Friday Fiction: 100 Word Challenge

Friday Fiction: 100 Word Challenge

Friday Fiction: 100 Word Challenge

A quote: “Opportunity is missed by most people because it is dressed in overalls and looks like work.” ~~ Thomas A. Edison

I’ll start with a story …

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See over there? That corner of the playground? Used to be a garden. For years springtime found Mrs. Story and her 3rd graders planting and tending it.

Planning took math. Journals were kept on dates planted, seedlings spotted and yield of crops.

The children thrived — delighted from the first turn of soil to dividing up the harvest to take home.

But recent teachers, new grads with resentful eyes and other agendas, hissed “Waste of time.”

They forced the garden closed, Mrs. Story gone.

I went to tell her how much she meant to me, but her house was empty.

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Now, it’s your turn.
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. featured image, cropped, Adobe Stock standard license.

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6 Comments
  • Dupin says:

    Interestingly, disposable cups never had a run on them during any of the panics, so we had plenty available. The same for bags of dirt and compost. We were golden there.

    It was work clearing the land. Set aside for years, it was serendipity that everything happened in winter. By the time we cleared it, it was almost time to plant.

    We put our packs of heirloom seeds in the cups along with the dirt, compost, and other goodies. Now they’re sprouting, ready to go in the ground.

    With a little luck, we’ll have plenty of food from now on.

  • Hate_me says:

    I really liked this one.

    I’m too manly to admit that I may have teared up for a moment.

  • Navig8r says:

    “People transplant tomatoes all the time, but beans?”

    “These are very special beans. They’ll grow all night and tomorrow morning they will reach up into the clouds.”

    “You are so gullible!”

    “Says the person who believes in astrology.”

    “I mean, that is so unscientific!”

    “And also believes that chromosomes have nothing to do with reproductive roles and insists on pronouns not matching their anatomy. Please be ready tomorrow with the hatchet to cut the beanstalk down if the giant is chasing me on my way back.”

    “I’m reporting you for harassment, and BTW, Jack beat you to the golden goose!”

  • Leigh Kimmel says:

    The smell of fresh-turned soil tickled Elaine’s nostrils, bringing back memories. She could almost see the old farmhouse on the Iowa prairie, the flowerbeds, the vegetable garden, the fields that surrounded the farmstead.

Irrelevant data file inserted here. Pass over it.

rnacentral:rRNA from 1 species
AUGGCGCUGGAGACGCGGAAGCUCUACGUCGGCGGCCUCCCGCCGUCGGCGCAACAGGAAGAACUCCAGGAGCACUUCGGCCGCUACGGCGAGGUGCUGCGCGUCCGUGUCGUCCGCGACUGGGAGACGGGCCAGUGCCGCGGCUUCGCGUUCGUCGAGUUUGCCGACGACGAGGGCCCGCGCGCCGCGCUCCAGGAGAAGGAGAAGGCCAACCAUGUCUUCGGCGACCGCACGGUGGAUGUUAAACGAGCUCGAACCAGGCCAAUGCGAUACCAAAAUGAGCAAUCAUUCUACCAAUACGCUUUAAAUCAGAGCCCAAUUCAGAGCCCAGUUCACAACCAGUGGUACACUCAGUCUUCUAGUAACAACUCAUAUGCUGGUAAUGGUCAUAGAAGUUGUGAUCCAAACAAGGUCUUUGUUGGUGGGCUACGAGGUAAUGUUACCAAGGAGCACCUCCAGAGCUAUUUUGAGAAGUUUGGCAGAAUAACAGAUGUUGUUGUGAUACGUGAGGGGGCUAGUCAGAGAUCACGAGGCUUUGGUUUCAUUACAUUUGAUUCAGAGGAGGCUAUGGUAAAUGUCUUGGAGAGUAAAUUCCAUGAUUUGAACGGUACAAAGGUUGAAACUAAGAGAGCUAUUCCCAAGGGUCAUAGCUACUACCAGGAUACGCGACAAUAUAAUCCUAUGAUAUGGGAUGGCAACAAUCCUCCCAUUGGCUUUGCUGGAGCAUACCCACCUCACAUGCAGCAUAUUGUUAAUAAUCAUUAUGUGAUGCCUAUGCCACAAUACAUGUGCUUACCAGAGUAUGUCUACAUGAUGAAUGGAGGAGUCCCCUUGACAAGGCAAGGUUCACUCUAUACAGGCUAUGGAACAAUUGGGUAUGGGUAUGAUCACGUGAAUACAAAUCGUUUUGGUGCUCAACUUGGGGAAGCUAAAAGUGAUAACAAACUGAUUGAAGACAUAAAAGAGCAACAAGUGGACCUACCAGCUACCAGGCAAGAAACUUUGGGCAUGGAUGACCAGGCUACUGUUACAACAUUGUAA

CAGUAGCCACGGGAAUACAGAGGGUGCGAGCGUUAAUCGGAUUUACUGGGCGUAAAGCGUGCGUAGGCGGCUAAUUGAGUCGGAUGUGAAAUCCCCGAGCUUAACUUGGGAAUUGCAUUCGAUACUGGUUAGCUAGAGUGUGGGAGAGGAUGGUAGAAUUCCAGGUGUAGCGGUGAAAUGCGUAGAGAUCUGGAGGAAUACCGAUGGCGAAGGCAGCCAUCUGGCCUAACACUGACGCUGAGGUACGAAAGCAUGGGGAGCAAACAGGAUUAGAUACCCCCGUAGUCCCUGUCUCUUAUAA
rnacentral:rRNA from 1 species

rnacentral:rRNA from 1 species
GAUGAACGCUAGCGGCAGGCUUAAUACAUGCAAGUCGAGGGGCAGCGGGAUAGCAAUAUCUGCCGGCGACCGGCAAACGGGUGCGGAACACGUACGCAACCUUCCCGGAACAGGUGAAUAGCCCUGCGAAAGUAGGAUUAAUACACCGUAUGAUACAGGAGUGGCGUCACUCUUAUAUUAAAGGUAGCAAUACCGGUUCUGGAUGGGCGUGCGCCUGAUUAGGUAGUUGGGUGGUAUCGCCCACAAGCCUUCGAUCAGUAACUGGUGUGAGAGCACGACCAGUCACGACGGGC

The pang of homesickness caught her by surprise, and she had to blink back the tears welling up in her eyes. How much did she really miss her hometown?

    Certainly she didn’t miss the bullying, or the friends who suddenly ghosted her when the winds of politics shifted and her kind was no longer welcome. But she wished she could show her parents their grandsons, let Mom and Dad spoil Nicky and Basil rotten.

    But that wasn’t possible, not unless there was some serious change in Washington. In the meantime, she had her little garden plot to keep her busy.

    “Nicky, don’t pull that. That’s not a weed.”

  • Cameron says:

    “She seems to be enjoying herself.”
    “Oh yes. Don’t know what got her into gardening but it’s a healthy hobby for her. Now I have to threaten her with taking her gardening time away instead of the TV. And her friends are enjoying it too.”
    My friend smiled. “Have to admit that I’m kind of surprised. I figured your HOA’s busybody would have objected to your backyard garden. Something about not being up to community standards. How did you handle it?”
    “She’s got some good soil to work with. Betting we get a decent crop of vegetables later this year.”

  • ohiohedgehog says:

    I don’t know why they did it. It couldn’t have been fun. Was there resentment? Then why do it, week after week? Season after season? And yet there we were, down on the old home place, ponies saddled and kids riding. After a trip in the back of the pickup. Sunday after Sunday. No golf. No outings with co-workers. Only what now, to us, appears as work. Raising children. Children for whom they sacrificed even though at the time we didn’t “get it.” Children who appreciate where foods comes from. Children who, five dozen years later, finally recognize it. Opportunity.

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